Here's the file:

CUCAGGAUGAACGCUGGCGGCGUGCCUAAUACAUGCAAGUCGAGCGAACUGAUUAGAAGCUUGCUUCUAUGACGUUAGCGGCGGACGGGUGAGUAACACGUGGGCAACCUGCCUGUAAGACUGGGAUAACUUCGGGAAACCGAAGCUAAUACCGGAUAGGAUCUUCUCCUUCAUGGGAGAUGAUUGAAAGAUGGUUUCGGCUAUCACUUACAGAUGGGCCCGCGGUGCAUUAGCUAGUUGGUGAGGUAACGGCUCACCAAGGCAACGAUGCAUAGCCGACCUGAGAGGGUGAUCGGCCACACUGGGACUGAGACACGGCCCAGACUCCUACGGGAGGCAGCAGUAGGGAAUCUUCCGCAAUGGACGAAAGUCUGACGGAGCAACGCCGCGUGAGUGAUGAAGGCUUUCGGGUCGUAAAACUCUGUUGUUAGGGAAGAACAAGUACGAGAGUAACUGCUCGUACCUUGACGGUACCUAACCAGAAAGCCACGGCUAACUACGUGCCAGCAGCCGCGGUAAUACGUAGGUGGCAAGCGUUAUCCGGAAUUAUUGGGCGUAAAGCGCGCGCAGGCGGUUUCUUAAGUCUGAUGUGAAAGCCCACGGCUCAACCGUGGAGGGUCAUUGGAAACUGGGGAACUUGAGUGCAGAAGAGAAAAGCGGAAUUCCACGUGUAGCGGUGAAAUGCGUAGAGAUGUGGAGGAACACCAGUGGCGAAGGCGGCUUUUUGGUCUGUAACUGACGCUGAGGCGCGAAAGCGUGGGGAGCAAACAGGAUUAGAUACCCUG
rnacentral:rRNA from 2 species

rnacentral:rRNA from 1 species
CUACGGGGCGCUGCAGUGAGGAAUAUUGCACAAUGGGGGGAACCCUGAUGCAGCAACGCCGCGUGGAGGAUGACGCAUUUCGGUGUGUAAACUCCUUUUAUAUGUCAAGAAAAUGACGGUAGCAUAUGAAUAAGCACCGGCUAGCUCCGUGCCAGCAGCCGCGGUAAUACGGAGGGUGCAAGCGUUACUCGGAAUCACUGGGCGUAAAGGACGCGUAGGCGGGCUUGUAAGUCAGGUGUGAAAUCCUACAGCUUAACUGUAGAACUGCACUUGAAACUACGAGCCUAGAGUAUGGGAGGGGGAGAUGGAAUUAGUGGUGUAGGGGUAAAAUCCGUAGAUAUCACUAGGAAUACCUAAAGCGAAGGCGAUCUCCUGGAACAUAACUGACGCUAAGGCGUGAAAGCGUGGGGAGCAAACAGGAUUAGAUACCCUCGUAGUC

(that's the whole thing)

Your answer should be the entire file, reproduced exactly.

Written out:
CUCAGGAUGAACGCUGGCGGCGUGCCUAAUACAUGCAAGUCGAGCGAACUGAUUAGAAGCUUGCUUCUAUGACGUUAGCGGCGGACGGGUGAGUAACACGUGGGCAACCUGCCUGUAAGACUGGGAUAACUUCGGGAAACCGAAGCUAAUACCGGAUAGGAUCUUCUCCUUCAUGGGAGAUGAUUGAAAGAUGGUUUCGGCUAUCACUUACAGAUGGGCCCGCGGUGCAUUAGCUAGUUGGUGAGGUAACGGCUCACCAAGGCAACGAUGCAUAGCCGACCUGAGAGGGUGAUCGGCCACACUGGGACUGAGACACGGCCCAGACUCCUACGGGAGGCAGCAGUAGGGAAUCUUCCGCAAUGGACGAAAGUCUGACGGAGCAACGCCGCGUGAGUGAUGAAGGCUUUCGGGUCGUAAAACUCUGUUGUUAGGGAAGAACAAGUACGAGAGUAACUGCUCGUACCUUGACGGUACCUAACCAGAAAGCCACGGCUAACUACGUGCCAGCAGCCGCGGUAAUACGUAGGUGGCAAGCGUUAUCCGGAAUUAUUGGGCGUAAAGCGCGCGCAGGCGGUUUCUUAAGUCUGAUGUGAAAGCCCACGGCUCAACCGUGGAGGGUCAUUGGAAACUGGGGAACUUGAGUGCAGAAGAGAAAAGCGGAAUUCCACGUGUAGCGGUGAAAUGCGUAGAGAUGUGGAGGAACACCAGUGGCGAAGGCGGCUUUUUGGUCUGUAACUGACGCUGAGGCGCGAAAGCGUGGGGAGCAAACAGGAUUAGAUACCCUG
rnacentral:rRNA from 2 species

rnacentral:rRNA from 1 species
CUACGGGGCGCUGCAGUGAGGAAUAUUGCACAAUGGGGGGAACCCUGAUGCAGCAACGCCGCGUGGAGGAUGACGCAUUUCGGUGUGUAAACUCCUUUUAUAUGUCAAGAAAAUGACGGUAGCAUAUGAAUAAGCACCGGCUAGCUCCGUGCCAGCAGCCGCGGUAAUACGGAGGGUGCAAGCGUUACUCGGAAUCACUGGGCGUAAAGGACGCGUAGGCGGGCUUGUAAGUCAGGUGUGAAAUCCUACAGCUUAACUGUAGAACUGCACUUGAAACUACGAGCCUAGAGUAUGGGAGGGGGAGAUGGAAUUAGUGGUGUAGGGGUAAAAUCCGUAGAUAUCACUAGGAAUACCUAAAGCGAAGGCGAUCUCCUGGAACAUAACUGACGCUAAGGCGUGAAAGCGUGGGGAGCAAACAGGAUUAGAUACCCUCGUAGUC